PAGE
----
history of the united states. we built a 2,000-mile railroad in only six years and created 7,000 american towns, and we did it with only $50 million in appropriations. how did we fund the rest? and the answer was: this was the ultimate public-private partnership. i'm particularly worried in this congress, especially as it considers a transportation bill next year. have we forgotten our own economic legacy, especially from the time that we built one of the largest infrastructure development projects in history? to recall, the federal government granted 20 square miles o of alternating sectionsn either side of the railroad for every mile of track they laid to those railroads. railroads were also granted timber, stone, and mineral rights in addition for every mile of track they laid, the railroads were authorized to
issue a set amount of bonds, loans t that they received with interest back from the federal government. this guaranteed 30-year bontsdzs to be issued at rate of 6%. this is one of the largest development projects in the history of the united states and that's why i think it is an example for how we respond to our transportation needs today. when we look at our own economic legacy and we look at the funding shortfall for new roads, new airports, and new rail, i think we should recover that legacy to respond to the challenges for next year. and that's why i've introduced the lincoln legacy infrastructure development act. this legislation removes a number of federal restrictions on public-private partnerships, providing states greater flexibility to generate transportation revenues and enhance access to private capital for road, rail, aviation, transit, and port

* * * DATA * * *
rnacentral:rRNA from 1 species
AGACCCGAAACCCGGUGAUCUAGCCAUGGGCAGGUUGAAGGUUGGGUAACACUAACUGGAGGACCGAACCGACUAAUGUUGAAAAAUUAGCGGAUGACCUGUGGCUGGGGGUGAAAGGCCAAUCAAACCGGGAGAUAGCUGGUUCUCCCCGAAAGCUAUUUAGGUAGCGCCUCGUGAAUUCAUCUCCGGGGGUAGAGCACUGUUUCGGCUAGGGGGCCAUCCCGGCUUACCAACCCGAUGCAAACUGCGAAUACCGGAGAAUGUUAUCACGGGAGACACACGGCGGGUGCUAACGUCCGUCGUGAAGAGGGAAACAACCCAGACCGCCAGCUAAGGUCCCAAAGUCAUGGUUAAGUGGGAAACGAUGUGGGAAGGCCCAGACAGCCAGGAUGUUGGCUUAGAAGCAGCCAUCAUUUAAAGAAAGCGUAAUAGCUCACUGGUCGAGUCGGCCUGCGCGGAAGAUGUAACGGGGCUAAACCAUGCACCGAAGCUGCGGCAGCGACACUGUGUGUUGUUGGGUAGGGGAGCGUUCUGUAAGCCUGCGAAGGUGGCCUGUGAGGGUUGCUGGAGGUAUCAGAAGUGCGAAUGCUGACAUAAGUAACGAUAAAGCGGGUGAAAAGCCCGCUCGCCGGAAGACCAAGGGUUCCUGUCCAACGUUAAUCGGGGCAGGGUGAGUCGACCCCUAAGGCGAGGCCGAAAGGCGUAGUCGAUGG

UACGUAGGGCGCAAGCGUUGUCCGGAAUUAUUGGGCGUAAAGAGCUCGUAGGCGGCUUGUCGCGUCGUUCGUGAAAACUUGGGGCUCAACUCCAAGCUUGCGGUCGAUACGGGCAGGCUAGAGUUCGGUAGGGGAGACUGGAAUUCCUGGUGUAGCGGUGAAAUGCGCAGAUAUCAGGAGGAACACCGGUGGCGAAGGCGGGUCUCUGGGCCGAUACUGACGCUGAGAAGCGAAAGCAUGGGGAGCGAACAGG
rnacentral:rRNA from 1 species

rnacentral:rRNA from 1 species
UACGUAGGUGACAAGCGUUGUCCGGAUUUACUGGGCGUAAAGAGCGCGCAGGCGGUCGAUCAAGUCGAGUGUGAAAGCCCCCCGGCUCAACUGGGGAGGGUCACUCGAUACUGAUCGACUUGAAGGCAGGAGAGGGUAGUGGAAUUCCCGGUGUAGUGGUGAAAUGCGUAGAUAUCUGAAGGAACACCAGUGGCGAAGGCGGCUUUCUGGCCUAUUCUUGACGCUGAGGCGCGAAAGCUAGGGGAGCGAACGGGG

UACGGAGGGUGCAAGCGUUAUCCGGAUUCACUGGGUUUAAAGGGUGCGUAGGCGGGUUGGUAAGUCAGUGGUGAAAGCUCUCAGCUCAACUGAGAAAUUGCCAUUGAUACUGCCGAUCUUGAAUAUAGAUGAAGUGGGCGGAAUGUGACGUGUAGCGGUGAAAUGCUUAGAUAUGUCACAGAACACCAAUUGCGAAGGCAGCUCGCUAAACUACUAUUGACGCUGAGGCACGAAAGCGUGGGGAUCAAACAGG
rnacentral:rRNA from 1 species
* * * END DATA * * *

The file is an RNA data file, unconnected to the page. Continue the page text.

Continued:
infrastructure. under the lincoln legacy infrastructure development act, we could mobilize over $100 billion for new infrastructure investment. now, specifically, this legislation lifts caps on cost recovery programs for highways, it incentivizes partnerships in transit, it removes barriers to airport privatization, it increases resources for the transportation infrastructure finance and innovation act, sometimes called tifea, and makes improvements in the airport rehabilitation and refinancing program which are backed by the high-speed rail association and the american rail asoasmtion the legislation also stands on the premise that the taxpayer should be protected in these types of arrangements. indiana showed us what a properly-structured deal would look like. governor mitch daniels reaped a windfall from the 2006 lease of